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Montrose Voice, No. 97, September 3, 1982
File 030
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Montrose Voice, No. 97, September 3, 1982 - File 030. 1982-09-03. University of Houston Libraries. University of Houston Digital Library. Web. January 22, 2021. https://digital.lib.uh.edu/collection/montrose/item/3371/show/3367.

Disclaimer: This is a general citation for reference purposes. Please consult the most recent edition of your style manual for the proper formatting of the type of source you are citing. If the date given in the citation does not match the date on the digital item, use the more accurate date below the digital item.

(1982-09-03). Montrose Voice, No. 97, September 3, 1982 - File 030. Montrose Voice. University of Houston Libraries. Retrieved from https://digital.lib.uh.edu/collection/montrose/item/3371/show/3367

Disclaimer: This is a general citation for reference purposes. Please consult the most recent edition of your style manual for the proper formatting of the type of source you are citing. If the date given in the citation does not match the date on the digital item, use the more accurate date below the digital item.

Montrose Voice, No. 97, September 3, 1982 - File 030, 1982-09-03, Montrose Voice, University of Houston Libraries, accessed January 22, 2021, https://digital.lib.uh.edu/collection/montrose/item/3371/show/3367.

Disclaimer: This is a general citation for reference purposes. Please consult the most recent edition of your style manual for the proper formatting of the type of source you are citing. If the date given in the citation does not match the date on the digital item, use the more accurate date below the digital item.

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Compound Item Description
Title Montrose Voice, No. 97, September 3, 1982
Contributor
  • McClurg, Henry
Publisher Community Publishing Company
Date September 3, 1982
Language English
Subject
  • LGBTQ community
  • LGBTQ people
  • Gay liberation movement
Place
  • Houston, Texas
Genre
  • newspapers
Type
  • Text
Identifier OCLC: 22329406
Collection
  • University of Houston Libraries Special Collections
  • LGBT Research Collection
  • Montrose Voice
Rights In Copyright
Note This item was digitized from materials loaned by the Gulf Coast Archive and Museum (GCAM).
Item Description
Title File 030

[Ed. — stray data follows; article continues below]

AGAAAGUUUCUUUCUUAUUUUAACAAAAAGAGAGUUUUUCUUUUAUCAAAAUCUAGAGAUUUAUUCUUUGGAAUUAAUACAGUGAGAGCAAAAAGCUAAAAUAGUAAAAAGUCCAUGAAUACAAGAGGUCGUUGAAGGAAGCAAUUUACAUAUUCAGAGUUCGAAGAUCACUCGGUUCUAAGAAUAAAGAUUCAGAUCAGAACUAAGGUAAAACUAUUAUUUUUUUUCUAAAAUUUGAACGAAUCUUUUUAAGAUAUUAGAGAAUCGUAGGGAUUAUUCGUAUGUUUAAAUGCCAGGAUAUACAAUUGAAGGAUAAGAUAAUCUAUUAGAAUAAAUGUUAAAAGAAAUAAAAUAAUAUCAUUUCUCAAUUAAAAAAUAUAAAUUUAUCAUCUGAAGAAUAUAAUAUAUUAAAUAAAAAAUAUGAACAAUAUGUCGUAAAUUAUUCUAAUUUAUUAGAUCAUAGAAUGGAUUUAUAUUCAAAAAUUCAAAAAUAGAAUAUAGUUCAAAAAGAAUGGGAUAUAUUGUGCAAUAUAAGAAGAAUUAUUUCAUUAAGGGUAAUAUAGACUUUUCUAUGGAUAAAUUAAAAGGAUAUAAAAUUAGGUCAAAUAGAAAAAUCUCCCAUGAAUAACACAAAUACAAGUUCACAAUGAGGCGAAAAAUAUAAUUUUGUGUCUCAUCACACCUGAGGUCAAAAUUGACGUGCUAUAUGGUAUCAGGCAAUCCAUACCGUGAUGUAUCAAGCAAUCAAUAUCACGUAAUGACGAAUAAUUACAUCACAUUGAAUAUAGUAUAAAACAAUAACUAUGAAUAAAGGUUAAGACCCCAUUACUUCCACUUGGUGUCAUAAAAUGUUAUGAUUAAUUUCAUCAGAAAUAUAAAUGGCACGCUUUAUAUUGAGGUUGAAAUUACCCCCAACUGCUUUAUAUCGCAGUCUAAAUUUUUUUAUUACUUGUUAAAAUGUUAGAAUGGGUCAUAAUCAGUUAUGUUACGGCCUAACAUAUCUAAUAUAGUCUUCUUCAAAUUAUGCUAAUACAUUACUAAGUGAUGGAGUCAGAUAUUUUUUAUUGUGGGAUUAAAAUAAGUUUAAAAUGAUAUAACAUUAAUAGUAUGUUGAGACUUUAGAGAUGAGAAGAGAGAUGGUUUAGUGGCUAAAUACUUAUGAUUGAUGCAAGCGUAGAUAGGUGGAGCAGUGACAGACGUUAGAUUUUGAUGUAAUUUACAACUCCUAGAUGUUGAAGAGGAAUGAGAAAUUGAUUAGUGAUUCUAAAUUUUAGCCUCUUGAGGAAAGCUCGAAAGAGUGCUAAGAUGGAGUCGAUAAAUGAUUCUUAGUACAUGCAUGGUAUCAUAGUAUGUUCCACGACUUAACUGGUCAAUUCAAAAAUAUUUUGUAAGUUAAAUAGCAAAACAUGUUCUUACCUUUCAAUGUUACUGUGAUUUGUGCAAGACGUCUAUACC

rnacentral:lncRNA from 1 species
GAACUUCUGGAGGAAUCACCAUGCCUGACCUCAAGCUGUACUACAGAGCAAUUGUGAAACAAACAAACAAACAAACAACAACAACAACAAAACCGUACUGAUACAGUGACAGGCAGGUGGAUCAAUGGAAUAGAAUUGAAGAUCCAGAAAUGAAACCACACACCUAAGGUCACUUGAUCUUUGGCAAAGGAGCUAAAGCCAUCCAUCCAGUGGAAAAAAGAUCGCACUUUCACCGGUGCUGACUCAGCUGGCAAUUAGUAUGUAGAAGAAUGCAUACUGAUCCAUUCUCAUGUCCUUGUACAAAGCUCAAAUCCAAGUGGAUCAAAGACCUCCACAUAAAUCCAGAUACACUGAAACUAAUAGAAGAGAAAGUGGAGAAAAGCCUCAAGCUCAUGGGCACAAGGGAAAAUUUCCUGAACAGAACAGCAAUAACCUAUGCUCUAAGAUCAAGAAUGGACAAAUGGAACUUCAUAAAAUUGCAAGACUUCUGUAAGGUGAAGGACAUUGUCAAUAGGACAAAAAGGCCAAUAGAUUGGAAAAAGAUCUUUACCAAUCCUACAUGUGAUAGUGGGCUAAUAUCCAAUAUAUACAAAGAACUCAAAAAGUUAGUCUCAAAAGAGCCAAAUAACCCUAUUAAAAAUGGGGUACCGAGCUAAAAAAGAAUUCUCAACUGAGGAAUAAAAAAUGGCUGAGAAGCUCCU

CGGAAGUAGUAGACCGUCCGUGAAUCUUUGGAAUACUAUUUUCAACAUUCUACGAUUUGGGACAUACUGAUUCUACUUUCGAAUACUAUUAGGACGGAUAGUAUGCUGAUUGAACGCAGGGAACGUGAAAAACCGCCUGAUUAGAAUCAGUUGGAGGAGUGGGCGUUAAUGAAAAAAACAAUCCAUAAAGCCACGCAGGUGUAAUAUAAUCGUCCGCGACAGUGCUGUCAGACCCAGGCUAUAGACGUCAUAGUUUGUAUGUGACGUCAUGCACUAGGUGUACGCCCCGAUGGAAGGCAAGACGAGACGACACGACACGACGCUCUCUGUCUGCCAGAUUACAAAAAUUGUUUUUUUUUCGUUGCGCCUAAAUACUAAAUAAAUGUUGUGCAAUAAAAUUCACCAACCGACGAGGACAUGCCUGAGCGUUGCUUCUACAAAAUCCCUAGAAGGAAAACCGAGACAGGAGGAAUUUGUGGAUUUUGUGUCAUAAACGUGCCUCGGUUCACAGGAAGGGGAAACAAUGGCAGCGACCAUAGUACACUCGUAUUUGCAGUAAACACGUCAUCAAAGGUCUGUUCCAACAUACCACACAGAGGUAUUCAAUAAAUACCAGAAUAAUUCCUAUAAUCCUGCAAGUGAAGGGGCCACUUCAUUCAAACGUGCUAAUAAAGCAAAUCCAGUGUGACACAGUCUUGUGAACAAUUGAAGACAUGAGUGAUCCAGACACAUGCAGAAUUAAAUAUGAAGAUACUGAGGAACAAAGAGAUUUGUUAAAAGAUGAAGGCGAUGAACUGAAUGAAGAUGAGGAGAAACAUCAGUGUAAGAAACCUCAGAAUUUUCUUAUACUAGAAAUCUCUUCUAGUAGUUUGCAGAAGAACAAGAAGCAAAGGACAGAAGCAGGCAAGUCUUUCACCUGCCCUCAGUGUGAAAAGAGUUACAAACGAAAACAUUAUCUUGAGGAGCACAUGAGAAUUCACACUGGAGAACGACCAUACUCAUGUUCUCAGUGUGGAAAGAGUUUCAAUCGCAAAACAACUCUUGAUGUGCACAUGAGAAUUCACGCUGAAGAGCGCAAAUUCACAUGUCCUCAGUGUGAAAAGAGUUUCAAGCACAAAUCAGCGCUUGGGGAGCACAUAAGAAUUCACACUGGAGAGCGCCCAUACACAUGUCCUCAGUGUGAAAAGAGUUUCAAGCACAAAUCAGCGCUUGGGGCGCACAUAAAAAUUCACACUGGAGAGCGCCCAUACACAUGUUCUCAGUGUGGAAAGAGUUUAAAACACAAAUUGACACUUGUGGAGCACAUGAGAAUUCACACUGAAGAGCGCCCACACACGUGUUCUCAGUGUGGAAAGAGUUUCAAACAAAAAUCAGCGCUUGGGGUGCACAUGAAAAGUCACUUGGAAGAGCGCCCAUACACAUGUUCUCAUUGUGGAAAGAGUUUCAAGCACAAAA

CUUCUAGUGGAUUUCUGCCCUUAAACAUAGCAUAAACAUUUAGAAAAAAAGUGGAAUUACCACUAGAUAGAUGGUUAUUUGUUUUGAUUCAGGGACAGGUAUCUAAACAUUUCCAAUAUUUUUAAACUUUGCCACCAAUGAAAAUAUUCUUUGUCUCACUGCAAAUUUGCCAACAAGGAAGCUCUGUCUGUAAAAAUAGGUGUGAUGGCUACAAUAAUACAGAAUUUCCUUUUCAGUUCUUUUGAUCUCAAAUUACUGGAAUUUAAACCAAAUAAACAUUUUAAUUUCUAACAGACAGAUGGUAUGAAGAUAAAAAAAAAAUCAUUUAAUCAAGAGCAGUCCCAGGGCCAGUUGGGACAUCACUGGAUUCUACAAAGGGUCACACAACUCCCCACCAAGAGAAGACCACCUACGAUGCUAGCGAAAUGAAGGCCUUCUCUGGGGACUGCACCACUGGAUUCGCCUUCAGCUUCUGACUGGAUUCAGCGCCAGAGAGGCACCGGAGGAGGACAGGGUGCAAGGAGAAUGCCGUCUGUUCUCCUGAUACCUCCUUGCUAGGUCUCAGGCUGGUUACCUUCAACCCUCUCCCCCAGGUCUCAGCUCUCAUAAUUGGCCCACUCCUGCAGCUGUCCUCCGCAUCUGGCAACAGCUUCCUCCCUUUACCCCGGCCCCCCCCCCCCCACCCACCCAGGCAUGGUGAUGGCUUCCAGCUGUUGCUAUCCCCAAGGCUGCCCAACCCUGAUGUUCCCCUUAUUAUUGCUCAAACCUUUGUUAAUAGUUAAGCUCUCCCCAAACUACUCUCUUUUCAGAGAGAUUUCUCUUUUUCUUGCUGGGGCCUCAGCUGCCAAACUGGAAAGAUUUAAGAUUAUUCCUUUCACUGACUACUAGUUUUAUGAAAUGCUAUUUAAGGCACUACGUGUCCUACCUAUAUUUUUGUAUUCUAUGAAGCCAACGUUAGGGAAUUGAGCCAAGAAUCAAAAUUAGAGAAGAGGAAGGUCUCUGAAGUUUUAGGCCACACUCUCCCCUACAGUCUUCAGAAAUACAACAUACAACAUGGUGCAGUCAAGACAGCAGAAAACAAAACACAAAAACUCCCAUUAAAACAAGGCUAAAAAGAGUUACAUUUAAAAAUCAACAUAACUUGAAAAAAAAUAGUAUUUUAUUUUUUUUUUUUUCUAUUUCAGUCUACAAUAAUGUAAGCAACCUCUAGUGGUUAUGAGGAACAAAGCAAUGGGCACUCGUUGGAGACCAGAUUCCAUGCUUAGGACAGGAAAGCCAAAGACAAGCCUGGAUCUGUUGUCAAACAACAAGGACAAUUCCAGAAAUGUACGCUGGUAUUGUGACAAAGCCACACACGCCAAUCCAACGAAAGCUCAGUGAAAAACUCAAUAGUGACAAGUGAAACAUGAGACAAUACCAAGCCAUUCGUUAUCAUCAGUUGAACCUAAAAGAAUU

Transcript September 3,1982 / Montrose Voice 29 • NUMBERS 2-300 Westheimer-526-6551 See our ad elsewhere this issue • ONE ON ONE-1016 W Gray—528-8503 • PINK ELEPHANT - 1218 Leeiand—659-0040 See our ad elsewhere this issue • RASCALS-2702 Kirby-524-6272: with restaurant, live entertainment See our ad elsewhere this issue •VENTURE-N-2923 Mam-522-0000 ORGANIZATIONS ACLU-1236 W Gray-524-5925 AMERICAN LEATHERMEN (social club)- meets at Different Drum. 1732 Westheimer— 528-8528: club night Wed. Houston's leading gay publication is the Voice Ihance—524-4793 (voioje & Randy Alfred's 'Dateline S.F.,' twice a month in the Voice • RbCKYS-3416 W. DallM—8__e-M__2. Iwbian BERING Memorial Methodist Church—1 Hawthorne—626-1017 United Methodist v ship service 10:50am Sun CHURCH OF CHRISTIAN FAITH—413 Westheimer— 529-6005: worship services Sun morning 8 evening & Wed evening. Bible study Mon. & Tues. evenings: choir practice Wed. evening The Voice has more news, more Houston advertising, more Houston readers CITIZENS~FOR HUMAN EQUALITY (CHE)— 609Fannin #1301-236-8666: board meeting 2nd Tuesdays CONG. AYTZ CHAYIM-meets al MCCR. 191 DBcatur—552-1340. 688-8997: service & soci Spm 2nd & 4th Fridays CONROE AREA Gay Women 756-0354 crisis HOTLINE—228-1506 Dateline S.F. Voice Comics Of course I'm squandering my youth- How else to avoid wasting it? Your Turn: Occupational Hazards ?-1982 by Randy Alfred Six weeks ago, I asked for your contributions to this specialized pun form. To wit, if lawyers are disbarred and clergy are unfrocked, what about...? Walter Ems answered: quiltmakers are dispatched, mathematicians disfigures or decimated, housing officials quartered, munitions makers canonized, undertakers decoffinated (ouch!), designers withdrawn, internists disorganized, surveyors distracted, psychics dispirited, candlemakers snuffed out, postal workers unzipped, fisherpeople debated, and travel agents detoured. Darryl Forman also checked in with those last two, as well as: poets are diversified, assesors defined, storytellers detailed, farmers unseeded, carpenters unhinged, teachers declassified, cashiers unchanged, mimes disquieted, collection agents debilitated, damage- claims lawyers distorted, prospectors declaimed, waiters deserved, judges disappointed, fraternity brothers dismembered, bobsledders deluged, and druggies both deluded and disjointed. Jim Thomas of Denver also though dope dealers are disjointed. He added: bookkeepers are discounted, accountants disfigured, mapmak- ers dislocated, musicians decomposed, and hotel managers dislodged. Neil Woodward of Denver seconded Thomas on hotel managers and Forman on deluded druggies. He added politicians are devoted, composers denoted, actors departed, elementary shcool teachers degraded, and drag, queens unruffled. Art Jusak doubled Woodward on politicians, and Ray Frisby thought the same of school teachers. Jusak added, magicians are disillusioned. Frisby also pointed out, electricians are defused. Charles E. Stillwell of Houston answered: grammarians are declined, ski instructors disinclined, cosmetologists defaced, and geologists defaulted. Stephan Martin thought cashiers are unregistered, orthodontists unbraced, and bag ladies sacked, of course. Mark Joplin noted, tailors are unsuited and male prostitutes hustled out. On the other hand, according to Arthur Morris, reformed winos are bummed out Tim Clow though archaeologists are deboned, and John Keenan figured truck drivers are downgraded. Stillwell expressed his hope that the inventor of this game, Laurence Urdang, "suffer great punishment in the hereafter for infecting innocent people with the sickness of craving specialized puns— preferably, he will have to listen to a recitation of all of them ever devised." That's unlikely, for, as Frisby wrote, joke makers go unpunished. Olympic irony 1: The same edition of the San Francisco Examiner which bore the page-one news that a federal judge had ruled that the Gay Olympic Games could not use the word, Olympic, carried on page two an item about the Fourth Intematinal Transplant Olympics in Athens. That event is for recipients of kidnty transplants. Organizers of the Gay Bleep Games had argued th I *he U.S. Olympic Committee discriminated in allowing such events as the Police Olympics and the Special Olympics, but not the Gay Olympics. Olympic irony 2: The Gay Bleep Games are insisting that photographer H. Grant cease sales of his Gay Olympic Games poster bearing a photo of a male torso wearing a T-shirt with the three-circle logo of the gay games. Michael R. Evans, attorney for the games, said that group commissioned and paid for the logo, and "if we own anything, we own the three interlocked discs." No so, said Grant. There is no trademark or copyright notice on the shirt the games people are selling: "It's in the public domain." Nonetheless, Grant intends to take the poster off the market and issue another poster as a response. Evans said the gay games people object only to the commercial use of the logo, since the poster sells for $10, none of which goes to the gay games. He said it's a good poster and they'd like to license it rather than stop it. Grant said the gay games peope went to their lawyer before going to him: "That's exactly what the U.S .Olympic Committee did to them. They used a hammerlock where a handshake would have worked. This seems so heavy-handed and without grace. I think they should have welcomed it as advertising for their event." Compounded irony: Grant, it so happens, is the architect of San Francisco's new Muni Metro subway stations at Civic Center, Van Ness, Church Street, and, yes, Castro Street. (When he designed the stations in the mid-60s, the Castro neighborhood was not yet out of the closet. "Neither was I," Grant said.) His Castro logo for the station has appeared on T-shirts. "I could have registered it, but the logo has passed into the public domain," Grant noted. "I kicked myslef for not seeing its potential, but I've got no hard feelings for the people who did." Compunded relationship: Grant is also the lover of Toby Marotta, author of Sons of Havard and The Politics of Homosexuality. The poster for and paperback edition of the latter feature an H. Grant photo of Marotta in the Castro Bubway station.